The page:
Batik fabrics are all the rage! Who doesn’t love batik quilt patterns? It’s no wonder with all the luscious colors and patterns found in batiks today. I starting collecting batiks in the mid- to late-1990s. Back then, they were not as widely available as they are now. There also wasn’t as many colors or patterns, and the range of value was very limited. Today, batiks are a mainstay in the quilting world and I’m still collecting these wonderful fabrics.
Have you ever wondered how batiks are made? Batiks are a dyed fabric. Removable wax is applied in a design or pattern, so the dye doesn’t reach those areas of the fabric. Then the fabric is dipped in dye. Once the dye has dried, the wax is boiled off. This exposes the previous color and design. To create multi-colored designs, the fabric is layered with wax and dyed numerous times. Since the fabric is submerged in a dye bath, it’s dyed all the way through the fabric. Usually, batiks don’t have a right or wrong side. When both sides are virtually identical, I choose the side on which the design is clearer as the right side. When the colors vary from side to side, I choose the side I like best for the project I’m making.
Batik fabrics have more threads per inch in each direction than other fabrics commonly used for quilting, which means they have a tighter weave. Since batik fabrics are wetted and dried in the printing process, shrinkage has already occurred before you buy the fabric. Concerns over colorfastness shouldn’t be any different with batiks than with any other fabrics. Removing the wax from the cloth involves rinsing in boiling hot water, which also washes out most excess dye. However, if you are using intense blues, reds, and purples, pre-washing is recommended.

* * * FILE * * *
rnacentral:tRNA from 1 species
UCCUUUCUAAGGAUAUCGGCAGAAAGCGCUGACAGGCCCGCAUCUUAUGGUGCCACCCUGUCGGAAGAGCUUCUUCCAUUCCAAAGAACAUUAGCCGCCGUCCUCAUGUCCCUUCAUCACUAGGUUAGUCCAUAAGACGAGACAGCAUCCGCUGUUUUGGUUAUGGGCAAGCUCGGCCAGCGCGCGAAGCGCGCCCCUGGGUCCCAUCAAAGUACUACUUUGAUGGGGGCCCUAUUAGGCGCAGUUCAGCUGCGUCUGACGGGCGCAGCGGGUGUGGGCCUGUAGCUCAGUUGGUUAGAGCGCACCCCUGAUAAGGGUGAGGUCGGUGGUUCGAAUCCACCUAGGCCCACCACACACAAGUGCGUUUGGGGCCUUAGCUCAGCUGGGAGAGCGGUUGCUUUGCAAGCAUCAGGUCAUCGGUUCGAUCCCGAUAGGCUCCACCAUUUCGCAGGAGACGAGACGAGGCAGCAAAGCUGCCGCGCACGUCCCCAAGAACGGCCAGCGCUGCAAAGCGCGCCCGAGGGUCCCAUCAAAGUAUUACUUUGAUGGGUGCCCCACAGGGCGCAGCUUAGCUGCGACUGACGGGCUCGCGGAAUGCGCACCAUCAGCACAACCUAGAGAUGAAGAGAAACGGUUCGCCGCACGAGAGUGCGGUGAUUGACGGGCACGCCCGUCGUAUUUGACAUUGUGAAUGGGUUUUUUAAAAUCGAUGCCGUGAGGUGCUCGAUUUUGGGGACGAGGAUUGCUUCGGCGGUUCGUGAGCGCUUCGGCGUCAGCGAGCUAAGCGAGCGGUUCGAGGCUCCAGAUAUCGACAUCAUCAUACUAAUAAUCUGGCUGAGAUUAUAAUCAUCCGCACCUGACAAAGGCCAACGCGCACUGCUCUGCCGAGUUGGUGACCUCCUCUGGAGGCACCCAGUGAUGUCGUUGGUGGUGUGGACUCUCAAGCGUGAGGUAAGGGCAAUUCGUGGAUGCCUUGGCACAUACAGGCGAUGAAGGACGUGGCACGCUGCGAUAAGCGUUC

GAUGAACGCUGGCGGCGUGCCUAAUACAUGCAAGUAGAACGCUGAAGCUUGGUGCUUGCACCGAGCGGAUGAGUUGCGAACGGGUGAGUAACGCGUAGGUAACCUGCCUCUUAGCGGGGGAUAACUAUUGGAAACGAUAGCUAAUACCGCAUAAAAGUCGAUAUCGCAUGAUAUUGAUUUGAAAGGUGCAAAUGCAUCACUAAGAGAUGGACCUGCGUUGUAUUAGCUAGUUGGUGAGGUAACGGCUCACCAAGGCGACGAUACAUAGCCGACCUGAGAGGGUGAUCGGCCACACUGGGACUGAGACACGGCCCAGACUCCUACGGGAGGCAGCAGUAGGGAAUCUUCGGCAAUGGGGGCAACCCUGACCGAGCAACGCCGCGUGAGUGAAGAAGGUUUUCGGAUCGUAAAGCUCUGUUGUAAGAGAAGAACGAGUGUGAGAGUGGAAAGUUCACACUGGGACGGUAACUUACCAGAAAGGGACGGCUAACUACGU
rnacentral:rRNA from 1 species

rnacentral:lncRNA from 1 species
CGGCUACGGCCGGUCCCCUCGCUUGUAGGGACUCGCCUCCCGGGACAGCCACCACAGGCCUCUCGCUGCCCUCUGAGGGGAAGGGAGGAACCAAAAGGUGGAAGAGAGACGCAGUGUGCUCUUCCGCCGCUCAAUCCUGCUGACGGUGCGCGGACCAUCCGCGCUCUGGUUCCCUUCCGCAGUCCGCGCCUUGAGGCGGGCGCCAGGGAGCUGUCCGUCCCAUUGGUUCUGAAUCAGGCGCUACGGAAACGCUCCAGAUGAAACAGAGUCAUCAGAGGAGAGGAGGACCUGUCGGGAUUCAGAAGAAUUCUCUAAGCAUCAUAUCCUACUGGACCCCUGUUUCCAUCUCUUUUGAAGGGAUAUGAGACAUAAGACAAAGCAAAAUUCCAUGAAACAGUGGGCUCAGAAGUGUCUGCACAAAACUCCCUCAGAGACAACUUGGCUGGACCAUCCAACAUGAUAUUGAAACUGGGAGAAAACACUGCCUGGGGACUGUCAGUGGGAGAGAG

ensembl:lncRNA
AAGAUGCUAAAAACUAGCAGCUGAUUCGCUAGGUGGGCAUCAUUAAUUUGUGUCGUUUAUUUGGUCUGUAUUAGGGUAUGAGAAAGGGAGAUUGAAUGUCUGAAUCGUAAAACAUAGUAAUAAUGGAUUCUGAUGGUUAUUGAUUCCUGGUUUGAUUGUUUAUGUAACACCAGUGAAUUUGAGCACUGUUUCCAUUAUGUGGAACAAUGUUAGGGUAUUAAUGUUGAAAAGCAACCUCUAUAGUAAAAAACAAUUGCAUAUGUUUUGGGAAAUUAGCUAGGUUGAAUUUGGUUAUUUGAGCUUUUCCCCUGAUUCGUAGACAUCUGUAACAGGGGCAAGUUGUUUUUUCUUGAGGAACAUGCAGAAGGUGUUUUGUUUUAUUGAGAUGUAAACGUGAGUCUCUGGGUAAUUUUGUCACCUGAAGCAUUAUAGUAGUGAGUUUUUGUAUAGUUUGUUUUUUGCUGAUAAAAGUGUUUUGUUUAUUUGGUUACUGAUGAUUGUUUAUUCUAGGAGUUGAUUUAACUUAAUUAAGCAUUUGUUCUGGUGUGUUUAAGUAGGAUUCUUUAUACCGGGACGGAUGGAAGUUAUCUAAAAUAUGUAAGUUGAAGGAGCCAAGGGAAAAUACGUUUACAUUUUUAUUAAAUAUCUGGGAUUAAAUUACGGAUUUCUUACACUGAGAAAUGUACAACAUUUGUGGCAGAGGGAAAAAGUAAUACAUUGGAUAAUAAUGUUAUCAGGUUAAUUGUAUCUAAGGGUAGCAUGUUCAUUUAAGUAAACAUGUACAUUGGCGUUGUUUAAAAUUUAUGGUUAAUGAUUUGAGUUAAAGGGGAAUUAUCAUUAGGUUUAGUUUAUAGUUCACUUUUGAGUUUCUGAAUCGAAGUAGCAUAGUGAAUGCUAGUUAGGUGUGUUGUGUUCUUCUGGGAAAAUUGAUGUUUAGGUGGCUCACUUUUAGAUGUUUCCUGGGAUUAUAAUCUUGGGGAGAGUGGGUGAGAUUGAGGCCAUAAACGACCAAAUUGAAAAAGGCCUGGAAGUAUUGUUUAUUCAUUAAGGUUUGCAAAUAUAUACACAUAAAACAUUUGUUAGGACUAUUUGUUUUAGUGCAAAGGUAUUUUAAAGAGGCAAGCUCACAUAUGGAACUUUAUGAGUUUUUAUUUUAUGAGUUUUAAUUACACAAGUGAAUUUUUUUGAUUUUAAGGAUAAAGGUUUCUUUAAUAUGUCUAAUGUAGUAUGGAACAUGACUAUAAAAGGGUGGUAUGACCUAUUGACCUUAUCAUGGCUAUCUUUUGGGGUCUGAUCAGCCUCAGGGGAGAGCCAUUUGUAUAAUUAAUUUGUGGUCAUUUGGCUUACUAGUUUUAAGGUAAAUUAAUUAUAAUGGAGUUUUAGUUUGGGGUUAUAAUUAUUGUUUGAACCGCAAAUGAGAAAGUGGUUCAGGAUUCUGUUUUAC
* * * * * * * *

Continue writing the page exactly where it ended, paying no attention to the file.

Working with batiks is as easy as picking up a bundle of pre-cut 2½”-wide strips! I used a bundle of pre-cut strips, plus yardage for the border and sashing to make “Rock Candy” from Love of Quilting May/June 2011. The navy sashing is a nice accent to the bright batiks and adds dimension to the quilt.
Some quilters are not sure how to use batiks. The question is whether batik fabrics should only be used with other batiks or can they be combined with other quilting cottons? The answer is yes! You can make a quilt using only batiks and you can combine them with other fabrics. I used a combination of cotton prints and batiks to make “Rising Star” from Love of Quilting July/August 2015. Using a variety of batiks adds interest to designs and, with “Rising Star,” they helped emphasize the diamond-shape in the center of the quilt.
Because batiks have a tighter weave, they are ideal for foundation piecing. They don’t fray as much when handled and pieces cut on the bias hardly stretch at all. These fabrics have a smooth texture that makes them easier to press and they’ll give you sharp, crisp points. Wonderful and unusual effects are possible when you use batiks in your batik quilt patterns. Use them alone or in combination with traditional fabrics for a fantastic effect. These enticing fabric jewels are sure to stretch your color imagination.